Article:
USING FULL WAVEFORM DATA IN URBAN AREAS
- 1The Center for Mapping, The Ohio State University, 470 Hitchcock Hall, 2070 Neil Avenue, Columbus, OH 43210, USA
- 2Department of Photogrammetry and Geoinformatics, Budapest University of Technology and Economics, Muegyetem rkp 3., Budapest, 1111, Hungary
- 3HAS-BME Research Group for Physical Geodesy and Geodynamics, Budapest University of Technology and Economics, Muegyetem rkp. 3, Budapest, 1111, Hungary
Keywords: LiDAR waveform, classification, Self-Organizing Map (SOM), Bayes classifier, urban area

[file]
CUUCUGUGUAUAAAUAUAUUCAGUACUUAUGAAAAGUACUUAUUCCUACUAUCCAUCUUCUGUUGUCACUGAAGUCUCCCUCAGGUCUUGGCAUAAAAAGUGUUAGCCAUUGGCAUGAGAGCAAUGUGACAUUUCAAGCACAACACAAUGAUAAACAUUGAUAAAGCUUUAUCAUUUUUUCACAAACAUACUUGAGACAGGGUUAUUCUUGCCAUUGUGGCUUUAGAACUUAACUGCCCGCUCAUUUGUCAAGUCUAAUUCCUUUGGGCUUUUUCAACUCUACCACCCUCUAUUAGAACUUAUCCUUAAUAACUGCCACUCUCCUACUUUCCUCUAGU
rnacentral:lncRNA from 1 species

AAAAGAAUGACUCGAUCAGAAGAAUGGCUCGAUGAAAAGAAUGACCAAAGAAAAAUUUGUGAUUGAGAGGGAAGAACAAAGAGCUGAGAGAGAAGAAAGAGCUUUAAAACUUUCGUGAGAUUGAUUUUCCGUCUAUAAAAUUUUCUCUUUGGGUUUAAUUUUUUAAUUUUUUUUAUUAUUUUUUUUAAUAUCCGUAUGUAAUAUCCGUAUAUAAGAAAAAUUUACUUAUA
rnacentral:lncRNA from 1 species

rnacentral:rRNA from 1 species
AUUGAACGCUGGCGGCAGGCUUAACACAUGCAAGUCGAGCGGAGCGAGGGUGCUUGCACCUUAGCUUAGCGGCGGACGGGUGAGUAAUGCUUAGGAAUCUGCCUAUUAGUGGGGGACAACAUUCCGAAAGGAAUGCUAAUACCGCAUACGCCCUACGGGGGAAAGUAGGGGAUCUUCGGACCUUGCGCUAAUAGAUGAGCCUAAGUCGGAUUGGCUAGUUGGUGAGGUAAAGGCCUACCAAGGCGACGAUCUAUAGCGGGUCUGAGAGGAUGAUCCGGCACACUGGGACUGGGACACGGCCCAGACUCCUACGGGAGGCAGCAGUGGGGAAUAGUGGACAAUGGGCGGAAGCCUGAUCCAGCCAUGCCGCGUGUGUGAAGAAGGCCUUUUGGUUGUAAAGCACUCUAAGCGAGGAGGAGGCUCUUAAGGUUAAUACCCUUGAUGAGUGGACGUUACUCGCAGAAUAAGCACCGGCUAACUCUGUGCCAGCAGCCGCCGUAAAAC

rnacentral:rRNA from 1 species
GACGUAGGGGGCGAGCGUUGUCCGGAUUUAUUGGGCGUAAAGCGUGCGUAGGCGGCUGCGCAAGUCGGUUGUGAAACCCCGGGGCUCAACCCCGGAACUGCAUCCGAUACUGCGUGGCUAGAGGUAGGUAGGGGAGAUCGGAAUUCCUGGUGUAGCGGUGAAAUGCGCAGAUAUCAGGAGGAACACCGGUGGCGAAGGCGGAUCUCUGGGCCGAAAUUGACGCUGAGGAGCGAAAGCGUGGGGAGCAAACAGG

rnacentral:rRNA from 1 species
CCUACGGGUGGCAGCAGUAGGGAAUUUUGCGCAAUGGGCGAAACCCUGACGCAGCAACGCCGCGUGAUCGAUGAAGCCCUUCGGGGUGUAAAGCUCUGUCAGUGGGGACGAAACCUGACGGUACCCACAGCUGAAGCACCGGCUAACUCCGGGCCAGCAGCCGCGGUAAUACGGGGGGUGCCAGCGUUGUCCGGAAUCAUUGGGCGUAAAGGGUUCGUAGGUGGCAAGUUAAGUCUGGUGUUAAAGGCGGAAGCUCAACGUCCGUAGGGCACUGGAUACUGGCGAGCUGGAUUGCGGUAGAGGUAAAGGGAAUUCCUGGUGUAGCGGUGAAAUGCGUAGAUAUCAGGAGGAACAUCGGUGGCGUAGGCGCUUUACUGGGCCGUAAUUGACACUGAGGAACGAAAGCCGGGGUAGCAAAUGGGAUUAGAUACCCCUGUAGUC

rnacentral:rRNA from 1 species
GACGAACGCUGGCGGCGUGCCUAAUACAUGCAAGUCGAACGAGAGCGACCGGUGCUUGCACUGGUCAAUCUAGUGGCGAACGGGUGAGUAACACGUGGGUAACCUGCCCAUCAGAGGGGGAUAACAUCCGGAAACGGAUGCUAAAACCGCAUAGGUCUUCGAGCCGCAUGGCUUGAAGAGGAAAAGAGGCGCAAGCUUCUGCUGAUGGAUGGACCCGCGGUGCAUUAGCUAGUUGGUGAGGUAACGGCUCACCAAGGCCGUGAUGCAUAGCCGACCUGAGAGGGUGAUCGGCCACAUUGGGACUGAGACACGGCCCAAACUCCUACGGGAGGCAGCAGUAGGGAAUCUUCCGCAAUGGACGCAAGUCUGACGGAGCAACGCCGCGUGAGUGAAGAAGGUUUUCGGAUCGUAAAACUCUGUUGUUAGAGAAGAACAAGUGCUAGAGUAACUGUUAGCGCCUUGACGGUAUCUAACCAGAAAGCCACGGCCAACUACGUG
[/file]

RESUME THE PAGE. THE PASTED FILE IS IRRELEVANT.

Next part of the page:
Abstract. In this paper, the use of waveform data in urban areas is studied. Full waveform is generally used in non-urban areas, where it can provide better vertical structure description of vegetation compared to discrete return systems. However, waveform could be potentially useful for classification in urban areas, where classification methods can be extended to include parameters derived from waveform analysis. Besides common properties, also sensed by multi-echo systems (intensity, number of returns), the shape of the waveform also depends on physical properties of the reflecting surface, such as material, angle of incidence, etc. The main goal of this investigation is to identify relevant parameters, derived from waveform that are related to surface material or object class. This paper uses two waveform parameterization approaches: Gaussian shape fitting and discrete wavelet transformation. The two classification methods tested are: supervised Bayes classification and unsupervised Self-Organizing Map (SOM) classification. The results of these methods were compared to each other and to manual classification. The initial conclusion is that, though waveform data contains classification information, the waveform shape by itself is not enough to perform classification in urban regions, and, consequently, it should be combined with the point cloud geometry.